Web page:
Consider supporting youth through some of these ongoing volunteer opportunities.
If you believe everyone deserves a second chance and young people can change with the right support, consider volunteering for Choose 180, a diversion program for youth that helps them identify what’s wrong, the behaviors that keep them stuck, and the path toward positive change. Choose 180 is regularly looking for speakers, small group facilitators and greeters to support their workshops.
Community Passageways supports youth in reclaiming their purpose by shattering the school to prison pipeline and empowering community to heal community. We specialize in felony diversion by giving youth and young adults ages 13-28 opportunities to be successful via education, apprenticeships, internships, peace making circles, and community and civic engagement. We need more community ambassadors to help with court support, tutoring in schools, facilitating circles, and supporting operations.
Federal Way Youth Action Team
The Federal Way Youth Action Team (FWYAT) is a collaboration between King County Juvenile Court and several Federal Way community programs. FWYAT is growing its capacity for connecting youth to opportunities to grow into healthy, happy adults, and is searching for mentors.
Juvenile Court Community Programs
King County Juvenile Court Community Programs collaborate with schools, non-profits, and businesses to connect youth with education and employment opportunities. Volunteers may offer opportunities for job shadowing, career exploration, and community service. For more info, please contact Community Programs Supervisor Diane Korf at 206-205-9490 or Diane.Korf@kingcounty.gov.
The 4C Coalition is a collaborative effort to increase the number of African-American mentors dedicated to disproportionate number of African-Americans and other youth of color involved in King County’s juvenile legal system. The 4C Coalition is looking for mentors to uplift at-risk youth, help ensure they graduate from high school and avoid gangs, violence, addictions, and incarceration.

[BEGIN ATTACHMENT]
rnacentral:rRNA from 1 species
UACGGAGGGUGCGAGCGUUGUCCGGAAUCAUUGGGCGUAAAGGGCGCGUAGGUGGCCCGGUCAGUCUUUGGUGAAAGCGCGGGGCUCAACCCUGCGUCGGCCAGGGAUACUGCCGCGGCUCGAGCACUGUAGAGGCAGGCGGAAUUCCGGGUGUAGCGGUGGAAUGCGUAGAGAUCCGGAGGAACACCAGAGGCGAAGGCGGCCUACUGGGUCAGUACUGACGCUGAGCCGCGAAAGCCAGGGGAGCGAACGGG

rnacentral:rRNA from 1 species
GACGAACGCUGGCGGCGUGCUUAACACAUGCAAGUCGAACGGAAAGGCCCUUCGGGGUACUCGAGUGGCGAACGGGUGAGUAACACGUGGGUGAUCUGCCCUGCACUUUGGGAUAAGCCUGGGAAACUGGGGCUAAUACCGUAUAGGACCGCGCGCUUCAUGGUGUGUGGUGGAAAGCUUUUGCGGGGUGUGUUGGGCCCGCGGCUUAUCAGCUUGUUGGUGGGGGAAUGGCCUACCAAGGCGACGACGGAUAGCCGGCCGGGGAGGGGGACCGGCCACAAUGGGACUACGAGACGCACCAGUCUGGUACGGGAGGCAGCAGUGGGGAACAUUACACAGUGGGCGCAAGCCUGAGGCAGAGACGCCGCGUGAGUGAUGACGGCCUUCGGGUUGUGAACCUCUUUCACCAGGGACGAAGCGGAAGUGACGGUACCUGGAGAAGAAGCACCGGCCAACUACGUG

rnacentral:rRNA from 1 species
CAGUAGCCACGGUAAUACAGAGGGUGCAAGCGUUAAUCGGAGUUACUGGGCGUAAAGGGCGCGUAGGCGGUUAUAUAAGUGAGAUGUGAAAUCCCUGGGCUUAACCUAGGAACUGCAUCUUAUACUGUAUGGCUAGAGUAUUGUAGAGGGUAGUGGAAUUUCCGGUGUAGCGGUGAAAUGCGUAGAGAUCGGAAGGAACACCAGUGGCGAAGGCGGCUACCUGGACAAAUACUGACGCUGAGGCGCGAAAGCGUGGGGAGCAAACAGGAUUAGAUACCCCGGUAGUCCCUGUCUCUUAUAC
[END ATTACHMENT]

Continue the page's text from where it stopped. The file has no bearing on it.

Big Brothers Big Sisters of Puget Sound
Big Brothers Big Sisters of Puget Sound provides children facing adversity with strong, professionally supported one-to-one relationships. They are always looking for adults eager to positively impact a child’s life and improve their community at the same time. By spending a few hours a month bonding with a child, “Bigs” dramatically increase the chances that their “Littles” will achieve higher aspirations, avoidance of risky behaviors, and obtain educational success. Big Brothers are in especially high demand.
Community Accountability Board
Youth eligible for diversion meet with a Community Accountability Board (CAB) made up of volunteers from the community. CAB interviews offending youth and their parents and then determines a constructive accountability plan. To learn more about becoming a King County CAB volunteer, contact the Partnership for Youth Justice at 206-296-1133 or Program Manager Shirley Noble, firstname.lastname@example.org.
Youth Chaplaincy Coalition
The Youth Chaplaincy Coalition is a non-King County affiliated group of like-minded individuals and churches who seek to provide services in a faith-based context to youth in detention. The group also trains youth advocates to be chaplains, mentors, and counselors for youth who need re-entry help once they have left detention. To learn more about becoming a youth advocate, contact Rev. Terri Stewart at email@example.com or 425-531-1756.
A Court Appointed Special Advocate (CASA) is a trained volunteer who represents the best interests of children as they go through the legal process. These trained volunteers investigate the case and inform the court, help identify resources to address a child’s special needs and recommend temporary and permanent plans for the child.
Become a Foster Parent
Many — if not most — of the youth involved in the juvenile legal system have experienced a period of inconsistent housing and caregiving. State social workers often struggle to find appropriate homes for foster youth because there is a shortage of foster parents available for adolescents. The Washington State Department of Children, Youth, and Families are looking for those interested in becoming foster parents.
Cover image: Making Choices, by Nhon Truong (Enamel paint on aluminum, 2003)